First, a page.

<mark_weaver>here's a nice Edsger Dijkstra quote: "It is practically impossible to teach good programming to students that have had a prior exposure to BASIC: as potential programmers they are mentally mutilated beyond hope of regeneration."
<davexunit>I remember thinking that I must be dumb because everyone uses C++ to do stuff and here I was banging my head into a wall staring at segfaults all the time.
<davexunit>then I tried Python and I started to see what how much better programming could be.
<mark_weaver>I don't even have the same excuse. I took a course that used Lisp in university, and I liked it right off the bat, but never really played with it after that. not until I discovered SICP.
<davexunit>college was all Java and C. they only taught dynamic languages in courses for non-CS majors.
<davexunit>as if dynamic languages aren't real programming.
<mark_weaver>when I was at university (and maybe still today), although I had one course with Lisp, it was overwhelmingly in the "object-oriented programming is the wave of the future, and must be used for *everything*" mentality
<Digit>i'm currently running nixos (as of early jan), and am wondering how smooth a transition to guix (on whatever distro) would be? is it largely like-for-like, or are there a whole load of nuances|quirks|differences|distinctions to learn new?
<ewemoa>Digit: not much help for you, but am interested too -- have finally succeeded in installing guix 0.8.1 after several failed attempts for 0.8 :)
<ewemoa>was thinking a pl-independent interface to the underlying system might encourage various pl folks to stop trying to reimplement various already nicely provided bits...
<Digit>talking purely functional, i'd already got /a little/ practice in with Haskell. i wonder if it ever got mentioned when early notions and plans were starting.
<ewemoa>Digit: no idea -- tried learning haskell years ago but am far too lazy to try to learn irregular syntax -- scheme/lisp is much easier on my aging brain :)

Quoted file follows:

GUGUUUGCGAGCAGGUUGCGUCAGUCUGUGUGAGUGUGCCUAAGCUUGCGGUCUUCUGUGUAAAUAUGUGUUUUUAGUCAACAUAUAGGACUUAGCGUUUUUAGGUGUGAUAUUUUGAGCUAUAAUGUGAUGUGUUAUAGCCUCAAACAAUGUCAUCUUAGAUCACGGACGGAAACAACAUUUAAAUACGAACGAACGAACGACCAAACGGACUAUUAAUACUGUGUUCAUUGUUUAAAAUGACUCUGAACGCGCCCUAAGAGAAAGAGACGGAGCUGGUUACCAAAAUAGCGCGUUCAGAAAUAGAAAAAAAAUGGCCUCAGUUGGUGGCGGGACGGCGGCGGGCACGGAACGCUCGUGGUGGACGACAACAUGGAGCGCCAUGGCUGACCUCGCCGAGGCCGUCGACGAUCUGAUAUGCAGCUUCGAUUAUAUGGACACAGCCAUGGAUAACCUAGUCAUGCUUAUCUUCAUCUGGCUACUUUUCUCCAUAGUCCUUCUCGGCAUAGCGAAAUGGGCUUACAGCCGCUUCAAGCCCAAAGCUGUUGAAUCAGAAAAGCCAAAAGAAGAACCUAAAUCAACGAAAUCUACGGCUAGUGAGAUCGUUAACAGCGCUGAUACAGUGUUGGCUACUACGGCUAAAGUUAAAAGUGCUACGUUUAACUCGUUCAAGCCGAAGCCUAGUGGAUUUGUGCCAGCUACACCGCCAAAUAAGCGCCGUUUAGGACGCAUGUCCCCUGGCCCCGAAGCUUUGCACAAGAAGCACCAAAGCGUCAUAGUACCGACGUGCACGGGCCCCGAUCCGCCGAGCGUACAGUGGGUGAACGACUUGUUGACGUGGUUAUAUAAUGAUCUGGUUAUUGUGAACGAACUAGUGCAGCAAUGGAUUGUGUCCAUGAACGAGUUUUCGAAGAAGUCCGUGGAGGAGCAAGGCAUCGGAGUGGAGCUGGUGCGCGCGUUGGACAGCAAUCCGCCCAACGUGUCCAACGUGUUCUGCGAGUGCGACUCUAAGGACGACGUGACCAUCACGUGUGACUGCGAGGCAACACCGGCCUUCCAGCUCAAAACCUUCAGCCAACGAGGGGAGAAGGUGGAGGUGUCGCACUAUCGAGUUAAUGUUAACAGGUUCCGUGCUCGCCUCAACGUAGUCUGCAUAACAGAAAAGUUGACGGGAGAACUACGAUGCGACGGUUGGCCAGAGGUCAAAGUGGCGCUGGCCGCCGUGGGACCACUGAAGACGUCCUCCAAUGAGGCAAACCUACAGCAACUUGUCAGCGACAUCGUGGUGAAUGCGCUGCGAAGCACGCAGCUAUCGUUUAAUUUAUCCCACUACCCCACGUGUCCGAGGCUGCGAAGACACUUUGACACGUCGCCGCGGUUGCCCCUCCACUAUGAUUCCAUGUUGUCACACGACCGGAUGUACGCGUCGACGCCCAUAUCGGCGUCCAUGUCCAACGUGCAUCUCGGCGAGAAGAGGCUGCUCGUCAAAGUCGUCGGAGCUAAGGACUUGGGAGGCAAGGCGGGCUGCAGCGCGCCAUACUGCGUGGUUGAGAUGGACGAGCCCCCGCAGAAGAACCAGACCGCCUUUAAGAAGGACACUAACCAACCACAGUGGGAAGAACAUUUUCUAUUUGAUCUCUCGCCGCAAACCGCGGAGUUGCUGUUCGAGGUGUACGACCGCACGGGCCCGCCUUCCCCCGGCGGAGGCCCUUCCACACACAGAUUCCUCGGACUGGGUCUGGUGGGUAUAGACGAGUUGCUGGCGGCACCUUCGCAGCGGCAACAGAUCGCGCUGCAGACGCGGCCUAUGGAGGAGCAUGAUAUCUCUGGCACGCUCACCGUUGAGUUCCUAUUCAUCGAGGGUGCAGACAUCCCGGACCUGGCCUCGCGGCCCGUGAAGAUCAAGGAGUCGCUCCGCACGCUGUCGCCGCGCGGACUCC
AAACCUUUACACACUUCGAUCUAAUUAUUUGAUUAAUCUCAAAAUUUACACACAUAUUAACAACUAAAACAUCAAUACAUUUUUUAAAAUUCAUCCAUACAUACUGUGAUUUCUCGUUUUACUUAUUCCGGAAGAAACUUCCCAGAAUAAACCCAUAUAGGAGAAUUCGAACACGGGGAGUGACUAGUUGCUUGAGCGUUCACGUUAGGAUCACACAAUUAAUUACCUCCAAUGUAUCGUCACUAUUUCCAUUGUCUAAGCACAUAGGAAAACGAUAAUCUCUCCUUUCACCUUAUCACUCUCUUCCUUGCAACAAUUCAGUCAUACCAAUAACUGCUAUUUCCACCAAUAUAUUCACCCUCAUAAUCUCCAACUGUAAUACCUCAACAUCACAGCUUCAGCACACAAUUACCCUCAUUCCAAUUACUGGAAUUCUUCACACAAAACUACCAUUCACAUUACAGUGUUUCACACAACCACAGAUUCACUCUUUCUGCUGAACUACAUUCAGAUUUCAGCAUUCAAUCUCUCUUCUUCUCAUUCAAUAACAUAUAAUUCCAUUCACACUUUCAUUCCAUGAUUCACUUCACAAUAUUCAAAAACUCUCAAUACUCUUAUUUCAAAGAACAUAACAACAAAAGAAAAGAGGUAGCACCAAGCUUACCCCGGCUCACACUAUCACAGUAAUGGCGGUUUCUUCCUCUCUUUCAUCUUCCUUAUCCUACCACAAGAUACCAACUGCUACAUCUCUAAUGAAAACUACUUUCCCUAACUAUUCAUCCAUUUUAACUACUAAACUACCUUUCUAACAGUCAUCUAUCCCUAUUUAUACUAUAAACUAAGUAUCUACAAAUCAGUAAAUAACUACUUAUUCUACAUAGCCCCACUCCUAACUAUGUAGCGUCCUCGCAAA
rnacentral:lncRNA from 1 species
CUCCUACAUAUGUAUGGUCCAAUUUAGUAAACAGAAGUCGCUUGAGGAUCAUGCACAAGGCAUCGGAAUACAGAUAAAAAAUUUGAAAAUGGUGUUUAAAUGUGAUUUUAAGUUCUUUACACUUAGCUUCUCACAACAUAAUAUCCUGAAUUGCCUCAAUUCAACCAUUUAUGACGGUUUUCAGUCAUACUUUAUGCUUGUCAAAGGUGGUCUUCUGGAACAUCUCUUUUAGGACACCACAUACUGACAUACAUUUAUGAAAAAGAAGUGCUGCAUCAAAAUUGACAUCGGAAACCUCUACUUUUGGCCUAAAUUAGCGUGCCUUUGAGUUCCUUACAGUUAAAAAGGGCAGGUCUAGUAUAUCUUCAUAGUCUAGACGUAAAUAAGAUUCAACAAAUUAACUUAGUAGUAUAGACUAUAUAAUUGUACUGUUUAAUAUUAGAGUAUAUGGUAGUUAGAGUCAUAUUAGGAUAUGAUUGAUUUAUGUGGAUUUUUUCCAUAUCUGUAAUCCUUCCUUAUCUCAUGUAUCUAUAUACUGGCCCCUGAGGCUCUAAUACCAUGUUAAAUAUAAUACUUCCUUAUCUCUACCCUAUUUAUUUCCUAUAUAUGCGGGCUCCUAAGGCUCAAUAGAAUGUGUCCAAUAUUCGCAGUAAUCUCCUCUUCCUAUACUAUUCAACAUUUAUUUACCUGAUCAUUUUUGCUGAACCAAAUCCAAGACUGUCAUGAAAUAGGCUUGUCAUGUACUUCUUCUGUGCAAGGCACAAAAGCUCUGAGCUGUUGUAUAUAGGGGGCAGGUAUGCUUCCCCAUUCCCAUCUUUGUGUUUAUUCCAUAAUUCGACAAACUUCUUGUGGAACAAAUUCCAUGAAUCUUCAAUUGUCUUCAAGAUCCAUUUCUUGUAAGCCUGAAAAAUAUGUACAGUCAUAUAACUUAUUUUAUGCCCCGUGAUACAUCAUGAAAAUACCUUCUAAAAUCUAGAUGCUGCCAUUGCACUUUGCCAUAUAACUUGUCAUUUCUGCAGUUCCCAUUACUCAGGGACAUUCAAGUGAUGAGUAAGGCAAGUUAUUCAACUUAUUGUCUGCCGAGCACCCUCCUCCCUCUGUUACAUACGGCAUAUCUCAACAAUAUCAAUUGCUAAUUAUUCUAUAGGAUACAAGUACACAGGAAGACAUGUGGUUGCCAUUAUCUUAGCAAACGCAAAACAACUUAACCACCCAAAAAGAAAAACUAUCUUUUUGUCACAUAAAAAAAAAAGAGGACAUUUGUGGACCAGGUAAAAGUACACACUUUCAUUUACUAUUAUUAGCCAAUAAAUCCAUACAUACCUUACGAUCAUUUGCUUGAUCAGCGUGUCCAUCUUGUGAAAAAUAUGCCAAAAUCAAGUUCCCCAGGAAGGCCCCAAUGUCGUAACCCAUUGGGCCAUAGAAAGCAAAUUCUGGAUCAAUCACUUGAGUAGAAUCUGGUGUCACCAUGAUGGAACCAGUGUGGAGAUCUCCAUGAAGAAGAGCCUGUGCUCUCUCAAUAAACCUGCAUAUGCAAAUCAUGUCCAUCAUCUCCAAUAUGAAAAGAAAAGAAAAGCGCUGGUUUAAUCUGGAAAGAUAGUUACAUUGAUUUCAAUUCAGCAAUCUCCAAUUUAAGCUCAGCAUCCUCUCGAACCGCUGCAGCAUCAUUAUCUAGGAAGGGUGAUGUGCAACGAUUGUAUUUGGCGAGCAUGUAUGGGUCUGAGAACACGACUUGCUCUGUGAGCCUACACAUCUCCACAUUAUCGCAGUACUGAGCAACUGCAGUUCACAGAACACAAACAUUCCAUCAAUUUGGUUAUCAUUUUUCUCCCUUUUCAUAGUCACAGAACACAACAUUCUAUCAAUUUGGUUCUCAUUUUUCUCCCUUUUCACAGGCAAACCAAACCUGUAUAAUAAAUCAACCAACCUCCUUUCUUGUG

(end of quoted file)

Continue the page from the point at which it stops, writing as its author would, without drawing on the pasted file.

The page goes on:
<Digit>i came to xmonad before i came to emacs (or anything else that would encourage lisp, like clfswm), hence my quirkyness. wanted to have more reasons to learn more lispness for a while. so the extent scheme is involvd is very welcome. :)
<ewemoa>Digit: seems like examining guix packages, modifying them, writing them, etc. would be a good opportunity for guile scheme learning :)
<rekado_>well, in transfer-and-offload it first runs register-gc-root (which creates the dir and expects the derivation to exist already), and *after that* runs send-files, which transfers missing dependencies.
<jgrant>Yeah, not sure why this won't connect to the tracker.
<rekado_>I don't get it. Bash's info page tells me that in non-interactive mode, for non-login sessions, $BASH_ENV is sourced if it exists. But how can I reliably set BASH_ENV to, say, ~/.bash_profile when no other startup file is read?
<rekado_>is there another way to tell Guile that /usr/local/share/guile/site/2.0/ is part of the load path? Without having to set environment vars?
<jgrant>The command I tried to generate a torrent to seed was """mktorrent -l 21 -a udp://open.demonii:1337/announce ~/Seeds/gsd-usb-install-0.8.1.x86_64-linux/ -o "gsd-usb-install-0.8.1.x86_64-linux.torrent" """